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Biofilm formation of O157 and non-O157 Shiga toxin-producing Escherichia coli and multidrug-resistant and susceptible Salmonella typhimurium and newport and their inactivation by sanitizers



Biofilm formation of O157 and non-O157 Shiga toxin-producing Escherichia coli and multidrug-resistant and susceptible Salmonella typhimurium and newport and their inactivation by sanitizers



Journal of Food Science 78(6): M880



This study compared biofilm formation by 7 serogroups of pathogenic Escherichia coli and 2 or 3 phenotypes of Salmonella (susceptible, multidrug-resistant [MDR], and/or multidrug resistant with ampC gene [MDR-AmpC]). One-week mature biofilms were also exposed to water, quaternary ammonium compound-based (QAC), and acid-based (AB) sanitizers. Seven groups (strain mixture) of above-mentioned pathogens were separately spot-inoculated onto stainless steel coupons surfaces for target inoculation of 2 log CFU/cm2, then stored statically, partially submerged in 10% nonsterilized meat homogenate at 4, 15, and 25 °C. Biofilm cells were enumerated on days 0, 1, 4, and 7 following submersion in 30 mL for 1 min in water, QAC, and AB. Counts on inoculation day ranged from 1.6 ± 0.4 to 2.4 ± 0.6 log CFU/cm2 and changed to 1.2 ± 0.8 to 1.9 ± 0.8 on day 7 at 4 °C with no appreciable difference among the 7 pathogen groups. After treatment with QAC and AB on day 7, counts were reduced (P < 0.05) to less than 0.7 ± 0.6 and 1.2 ± 0.5, respectively, with similar trends among pathogens. Biofilm formation at higher temperatures was more enhanced; E. coli O157:H7, as an example, increased (P < 0.05) from 1.4 ± 0.6 and 2.0 ± 0.3 on day 0 to 4.8 ± 0.6 and 6.5 ± 0.2 on day 7 at 15 and 25 °C, respectively. As compared to 4 °C, after sanitation, more survivors were observed for 15 and 25 °C treatments with no appreciable differences among pathogens. Overall, we observed similar patterns of growth and susceptibility to QAC and AB sanitizers of the 7 tested pathogen groups with enhanced biofilm formation capability and higher numbers of treatment survivors at higher temperatures.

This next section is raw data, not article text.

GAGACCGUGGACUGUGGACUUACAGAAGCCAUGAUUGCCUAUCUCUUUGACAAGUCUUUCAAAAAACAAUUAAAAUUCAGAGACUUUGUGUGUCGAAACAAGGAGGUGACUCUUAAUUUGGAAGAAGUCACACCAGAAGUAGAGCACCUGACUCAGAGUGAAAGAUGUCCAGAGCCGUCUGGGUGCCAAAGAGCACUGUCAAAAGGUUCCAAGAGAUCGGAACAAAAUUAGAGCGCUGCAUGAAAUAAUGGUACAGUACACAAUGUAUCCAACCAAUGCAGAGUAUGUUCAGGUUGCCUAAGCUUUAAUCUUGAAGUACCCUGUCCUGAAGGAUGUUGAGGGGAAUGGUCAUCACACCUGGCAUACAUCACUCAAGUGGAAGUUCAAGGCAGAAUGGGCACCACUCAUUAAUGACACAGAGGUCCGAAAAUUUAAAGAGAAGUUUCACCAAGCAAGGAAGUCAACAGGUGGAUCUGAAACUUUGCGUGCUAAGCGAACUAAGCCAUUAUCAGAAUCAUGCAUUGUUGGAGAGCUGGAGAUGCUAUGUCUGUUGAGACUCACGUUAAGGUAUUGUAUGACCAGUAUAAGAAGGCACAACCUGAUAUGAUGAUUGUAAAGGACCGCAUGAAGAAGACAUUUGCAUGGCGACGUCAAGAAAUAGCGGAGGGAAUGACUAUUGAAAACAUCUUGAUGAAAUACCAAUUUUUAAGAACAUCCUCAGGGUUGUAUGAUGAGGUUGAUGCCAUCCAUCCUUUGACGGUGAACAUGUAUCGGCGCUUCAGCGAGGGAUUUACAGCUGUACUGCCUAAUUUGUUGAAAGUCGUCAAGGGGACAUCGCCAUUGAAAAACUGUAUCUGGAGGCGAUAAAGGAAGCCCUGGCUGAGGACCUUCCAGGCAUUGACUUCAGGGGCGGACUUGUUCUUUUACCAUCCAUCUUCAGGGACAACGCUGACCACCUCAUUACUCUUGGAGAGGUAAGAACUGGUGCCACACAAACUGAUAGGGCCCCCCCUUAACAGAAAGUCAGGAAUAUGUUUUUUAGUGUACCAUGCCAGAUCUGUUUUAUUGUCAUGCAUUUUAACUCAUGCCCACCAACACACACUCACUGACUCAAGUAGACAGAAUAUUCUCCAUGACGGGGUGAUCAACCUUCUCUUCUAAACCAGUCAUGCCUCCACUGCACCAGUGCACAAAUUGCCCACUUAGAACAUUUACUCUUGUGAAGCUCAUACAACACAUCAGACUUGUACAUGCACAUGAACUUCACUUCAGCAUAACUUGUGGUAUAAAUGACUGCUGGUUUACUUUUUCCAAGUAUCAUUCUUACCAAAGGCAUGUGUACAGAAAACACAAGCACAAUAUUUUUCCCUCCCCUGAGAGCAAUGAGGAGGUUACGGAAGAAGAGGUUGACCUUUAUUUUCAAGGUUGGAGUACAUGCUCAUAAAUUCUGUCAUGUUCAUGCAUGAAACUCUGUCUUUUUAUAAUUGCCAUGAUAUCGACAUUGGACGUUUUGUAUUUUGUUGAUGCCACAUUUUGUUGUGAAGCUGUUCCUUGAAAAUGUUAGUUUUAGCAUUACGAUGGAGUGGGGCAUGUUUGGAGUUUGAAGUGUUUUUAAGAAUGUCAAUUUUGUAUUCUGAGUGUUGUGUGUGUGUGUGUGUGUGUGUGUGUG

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Accession: 036858793

Download citation: RISBibTeXText

PMID: 23601046

DOI: 10.1111/1750-3841.12123


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